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‘Stop the steal’ groups hide in plain sight on Facebook

Groups and individuals spreading lies about the 2020 election and calling to protest the outcome have continued to hide in plain sight on Facebook, even as COO Sheryl Sandberg this week tried to downplay the platform’s role in the Capitol riots.

From altering the names of their online forums to abusing the core features of Facebook’s own services, conspiracy theorists have worked to evade content moderators despite the company’s vows of a crackdown, new research shows.

These groups’ efforts to remain undetected highlight the sophisticated threat confronting Facebook, despite its insistence the situation has been less of a problem compared to on other platforms. It also raises new concerns that the groups’ persistence on these mainstream social networks could spark a new cycle of violence that stretches well into Joe Biden’s presidency.

The latest examples surfaced on Thursday, as extremism experts at the activist group Avaaz identified 90 public and private Facebook groups that have continued to circulate baseless myths about the election, with 166,000 total members.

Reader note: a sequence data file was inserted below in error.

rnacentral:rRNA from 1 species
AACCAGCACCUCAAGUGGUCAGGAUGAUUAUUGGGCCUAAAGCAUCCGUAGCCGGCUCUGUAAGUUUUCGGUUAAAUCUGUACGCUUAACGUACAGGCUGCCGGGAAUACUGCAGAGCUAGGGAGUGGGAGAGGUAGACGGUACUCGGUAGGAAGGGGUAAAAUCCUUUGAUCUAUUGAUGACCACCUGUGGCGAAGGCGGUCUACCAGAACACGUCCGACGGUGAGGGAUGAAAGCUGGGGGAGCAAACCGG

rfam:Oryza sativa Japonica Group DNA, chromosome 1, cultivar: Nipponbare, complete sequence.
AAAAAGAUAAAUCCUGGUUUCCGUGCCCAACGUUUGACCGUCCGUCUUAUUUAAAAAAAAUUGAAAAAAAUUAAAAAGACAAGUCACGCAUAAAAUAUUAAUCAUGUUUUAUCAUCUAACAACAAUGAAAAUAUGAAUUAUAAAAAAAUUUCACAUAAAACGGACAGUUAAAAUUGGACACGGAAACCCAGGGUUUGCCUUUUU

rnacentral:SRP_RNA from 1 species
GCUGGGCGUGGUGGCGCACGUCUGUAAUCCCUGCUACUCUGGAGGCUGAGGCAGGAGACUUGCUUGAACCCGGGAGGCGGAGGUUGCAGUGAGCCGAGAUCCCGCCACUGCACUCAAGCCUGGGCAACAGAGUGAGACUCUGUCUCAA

Of those, a half-dozen groups appeared to have successfully evaded Facebook’s restrictions on “stop the steal” content, according to Avaaz. Though many initially had “stop the steal” in their names, the groups have since altered their profiles, according to page histories reviewed by CNN Business — allowing them to blend in with other Facebook activity.

“So instead of ‘Stop the Steal,’ they became ‘Stop the Fraud’ or ‘Stop the Rigged Election’ or ‘Own the Vote,'” said Fadi Quran, campaign director at Avaaz.

In the months since the election, the slogan “Stop the Steal” has galvanized Trump supporters, and a leader of the movement has said he worked with Republican lawmakers to plan the rally that preceded the riots at the Capitol. The watchdog group Media Matters has highlighted dozens of posts on Facebook by state Republican Party pages that promoted bus trips to Washington for the Jan. 6 events.

Some of the Facebook groups Avaaz discovered contained posts mobilizing Trump supporters as well, including a promotional flier for Jan. 6 bearing the banner “Operation Occupy the Capitol: Taking back our country from corrupt politicians.”